The only item not included in the Ultimate Terraining Map. These are basically models made to simulate the Day/Night Cycle, hence DNC. For a full description of what this really is and what it does, see HappyTauren's coverage here. Note that knowing the ins and outs of animated DNC light models won't be necessary for using this technique, the link is more directed at interested parties and to prevent any unattached strings. We will simply be using this as ambient light. Specifically, blacking out the entire map and adding light sources manually with other lighting objects. This can have a great atmospheric effect perfect for darker scenes. Demonstrated here by, once again, one of my own pieces from some time back.

The Model

Import (View attachment DNCAshenValeTerrain.mdx) into your map. Download it by right-clicking the link to the left and save as mdx. After importing it, give it the path Environment\DNC\DNCAshenvale\DNCAshenValeTerrain\DNCAshenValeTerrain.mdx. Save and re-open the map as you would normally after importing material.

The Effect

When you open the map up again, nothing appears to have changed. This specific DNC model will only take effect when you set custom light settings to Ashenvale, like we did in step (3).


As you can see, the entire map blacks out and all doodads placed will be affected by it too. This is almost the same effect fog of war has, apart from one crucial difference: we can use the light object in step (6) to brighten up parts of it. To the left we have the default map with the custom light environment box set to Ashenvale but no light placed, to the right we have the same scene with a light object placed next to the trees.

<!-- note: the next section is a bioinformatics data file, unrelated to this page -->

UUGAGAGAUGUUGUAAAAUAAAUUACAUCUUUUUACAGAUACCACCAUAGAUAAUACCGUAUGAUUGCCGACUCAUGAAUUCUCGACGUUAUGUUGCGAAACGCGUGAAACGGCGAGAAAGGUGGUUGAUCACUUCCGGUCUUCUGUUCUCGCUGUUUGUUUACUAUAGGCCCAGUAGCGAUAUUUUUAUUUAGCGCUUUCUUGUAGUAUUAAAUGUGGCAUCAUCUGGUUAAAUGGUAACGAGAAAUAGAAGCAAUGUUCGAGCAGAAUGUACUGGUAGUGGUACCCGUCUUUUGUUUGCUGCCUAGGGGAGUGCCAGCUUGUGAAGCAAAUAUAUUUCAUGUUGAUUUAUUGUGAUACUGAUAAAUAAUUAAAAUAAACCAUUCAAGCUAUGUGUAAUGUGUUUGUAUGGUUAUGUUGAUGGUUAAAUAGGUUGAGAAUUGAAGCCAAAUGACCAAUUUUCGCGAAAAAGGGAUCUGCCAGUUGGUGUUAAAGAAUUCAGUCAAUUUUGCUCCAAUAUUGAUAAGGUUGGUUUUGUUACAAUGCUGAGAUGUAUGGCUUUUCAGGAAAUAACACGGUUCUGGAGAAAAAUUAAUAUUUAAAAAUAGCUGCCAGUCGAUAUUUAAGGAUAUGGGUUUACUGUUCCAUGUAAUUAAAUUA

DNC Trees No Light.pngDNC Trees Light.png

This can yield some really authentic dark scenes. Note that all parts lit up by light objects can host other visible objects, but they will naturally fade into more shaded around the edges of the lit up area. Ergo placed objects will, basically, have natural shading, which is partly the reason that makes this effect so believable.

Larger Areas

Remember how we said placing too many light objects in step (6) can yield an ugly clipping effect? This would mean that lighting up larger areas could be pretty annoying. Well good news, the light object is actually, to some extent, scalable. It only has to be pretty large to notice the difference. One weird side effect is also that by scaling it up, the actual illumination seemingly gets pushed further away from its center. This will take a few tries to get right and you may have to move each object around for a bit before you get the effect you want.